EU warns against curbing 'sharing economy' firms like Uber
The EU on Thursday warned member states against banning "sharing economy" services such as Uber and Airbnb, especially if only to protect existing businesses from competition.
"You cannot put an absolute ban on activity if the reason for this is only protecting a business model," EU industry commissioner Elzbieta Bienkowska said at a news briefing in Brussels.
Online success stories like ride-sharing app Uber and Airbnb have caused major disruptions in Europe, with taxi drivers and hotel owners furious at the inroads made by the main actors of the sharing economy.
In response, local governments and national regulators have moved to limit access to the websites, and in some cases, outright banning them.
Uber has filed complaints with the EU against France, Germany and Spain to hit back, arguing that the national or city policies are in violation of European law.
The EU is currently deliberating a response to those complaints as well as another lodged by an individual in Berlin who is unhappy with a local law against websites like Airbnb.
The EU's Bienkowska warned against government overreach as she unveiled the European Commission's recommendations on how the EU's 28 member states should better regulate the sharing economy.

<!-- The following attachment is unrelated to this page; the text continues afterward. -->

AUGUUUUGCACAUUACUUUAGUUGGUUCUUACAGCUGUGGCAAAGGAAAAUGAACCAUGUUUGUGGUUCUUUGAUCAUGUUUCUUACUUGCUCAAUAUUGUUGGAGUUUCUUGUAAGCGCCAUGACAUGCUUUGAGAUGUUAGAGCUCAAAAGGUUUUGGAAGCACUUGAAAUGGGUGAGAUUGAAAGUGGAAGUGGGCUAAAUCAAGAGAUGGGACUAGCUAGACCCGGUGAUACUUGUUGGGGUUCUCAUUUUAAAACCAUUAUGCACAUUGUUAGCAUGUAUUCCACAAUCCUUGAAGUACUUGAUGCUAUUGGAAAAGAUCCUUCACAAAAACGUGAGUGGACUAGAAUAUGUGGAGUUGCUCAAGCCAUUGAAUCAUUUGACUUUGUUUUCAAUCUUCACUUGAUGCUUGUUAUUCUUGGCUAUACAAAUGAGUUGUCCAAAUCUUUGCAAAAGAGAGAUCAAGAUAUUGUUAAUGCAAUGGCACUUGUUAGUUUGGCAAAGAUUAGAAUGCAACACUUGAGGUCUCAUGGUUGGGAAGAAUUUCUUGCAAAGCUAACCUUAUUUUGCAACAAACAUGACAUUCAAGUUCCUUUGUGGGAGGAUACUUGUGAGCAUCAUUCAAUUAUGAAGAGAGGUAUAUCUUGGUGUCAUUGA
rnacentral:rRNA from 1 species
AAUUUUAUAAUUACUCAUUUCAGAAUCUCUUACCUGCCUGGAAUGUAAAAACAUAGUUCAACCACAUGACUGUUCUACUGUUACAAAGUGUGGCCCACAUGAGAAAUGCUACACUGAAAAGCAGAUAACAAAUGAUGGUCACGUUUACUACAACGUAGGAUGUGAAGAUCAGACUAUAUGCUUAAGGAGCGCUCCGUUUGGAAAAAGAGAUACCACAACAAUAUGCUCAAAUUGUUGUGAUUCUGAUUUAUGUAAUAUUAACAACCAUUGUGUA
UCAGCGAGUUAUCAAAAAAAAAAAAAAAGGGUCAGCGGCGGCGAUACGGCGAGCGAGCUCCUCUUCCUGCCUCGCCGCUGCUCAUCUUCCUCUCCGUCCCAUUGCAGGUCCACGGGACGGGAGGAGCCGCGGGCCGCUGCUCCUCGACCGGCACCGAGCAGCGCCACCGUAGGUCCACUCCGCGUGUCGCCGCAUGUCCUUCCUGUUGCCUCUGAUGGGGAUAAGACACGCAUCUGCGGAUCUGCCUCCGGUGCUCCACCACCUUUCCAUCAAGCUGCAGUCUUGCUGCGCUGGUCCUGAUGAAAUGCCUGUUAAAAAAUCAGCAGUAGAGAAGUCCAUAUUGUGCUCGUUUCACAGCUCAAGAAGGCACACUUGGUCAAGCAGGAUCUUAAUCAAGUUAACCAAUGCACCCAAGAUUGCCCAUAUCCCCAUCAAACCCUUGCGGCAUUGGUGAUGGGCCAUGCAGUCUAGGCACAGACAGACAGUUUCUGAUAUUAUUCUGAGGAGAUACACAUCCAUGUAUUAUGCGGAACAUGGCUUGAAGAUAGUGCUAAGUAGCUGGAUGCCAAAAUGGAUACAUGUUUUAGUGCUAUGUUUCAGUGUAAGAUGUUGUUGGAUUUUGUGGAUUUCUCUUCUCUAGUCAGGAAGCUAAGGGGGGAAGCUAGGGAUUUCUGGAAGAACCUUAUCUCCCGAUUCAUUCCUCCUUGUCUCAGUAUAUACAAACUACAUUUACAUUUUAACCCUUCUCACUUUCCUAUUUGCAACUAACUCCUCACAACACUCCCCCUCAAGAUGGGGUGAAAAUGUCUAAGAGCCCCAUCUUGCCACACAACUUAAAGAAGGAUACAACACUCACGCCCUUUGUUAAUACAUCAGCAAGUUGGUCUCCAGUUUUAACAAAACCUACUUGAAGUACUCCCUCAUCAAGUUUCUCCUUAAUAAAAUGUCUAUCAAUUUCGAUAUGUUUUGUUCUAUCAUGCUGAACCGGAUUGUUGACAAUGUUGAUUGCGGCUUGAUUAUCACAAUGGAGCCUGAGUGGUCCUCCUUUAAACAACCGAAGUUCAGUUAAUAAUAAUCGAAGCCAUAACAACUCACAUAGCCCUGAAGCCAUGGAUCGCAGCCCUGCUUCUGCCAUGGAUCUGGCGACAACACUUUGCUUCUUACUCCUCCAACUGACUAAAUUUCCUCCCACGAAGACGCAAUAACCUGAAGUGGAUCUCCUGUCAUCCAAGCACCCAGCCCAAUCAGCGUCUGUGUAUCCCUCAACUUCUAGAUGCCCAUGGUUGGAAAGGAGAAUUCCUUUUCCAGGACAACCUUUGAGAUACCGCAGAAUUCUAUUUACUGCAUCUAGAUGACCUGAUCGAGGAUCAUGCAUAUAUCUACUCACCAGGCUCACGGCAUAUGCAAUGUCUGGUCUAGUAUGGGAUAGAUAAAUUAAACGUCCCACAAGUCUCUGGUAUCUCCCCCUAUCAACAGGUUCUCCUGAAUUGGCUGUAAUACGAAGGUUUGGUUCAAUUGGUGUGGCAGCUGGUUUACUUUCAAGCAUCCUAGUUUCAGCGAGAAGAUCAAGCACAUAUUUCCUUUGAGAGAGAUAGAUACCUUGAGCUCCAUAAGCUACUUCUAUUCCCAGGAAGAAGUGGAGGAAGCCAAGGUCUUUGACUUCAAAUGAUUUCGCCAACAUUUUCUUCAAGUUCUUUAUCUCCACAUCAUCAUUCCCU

"Absolute bans of an activity should only be a measure of last resort," said the commission's guidelines.
While the advice from the EU executive is non-binding, it does offer an indication on how the commission will respond to the complaints by Uber.
"We invite member states to review their regulation in the light of this guidance and stand ready to support them in this process," Bienkowska said.
In one idea, the EU encouraged regulators to differentiate "between individuals providing services on an occasional basis and providers acting in a professional capacity."
It also recommended that sharing economy actors "fully cooperate" with national tax authorities amid accusations that the services facilitate tax evasion.
Uber welcomed the commission's proposals.
"The European Commission has made it clear that EU laws protect collaborative economy services against undue restrictions," said Gareth Mead, an Uber spokesman.
"Member States should review regulations that undermine the development of such services," he added.
© 2016 AFP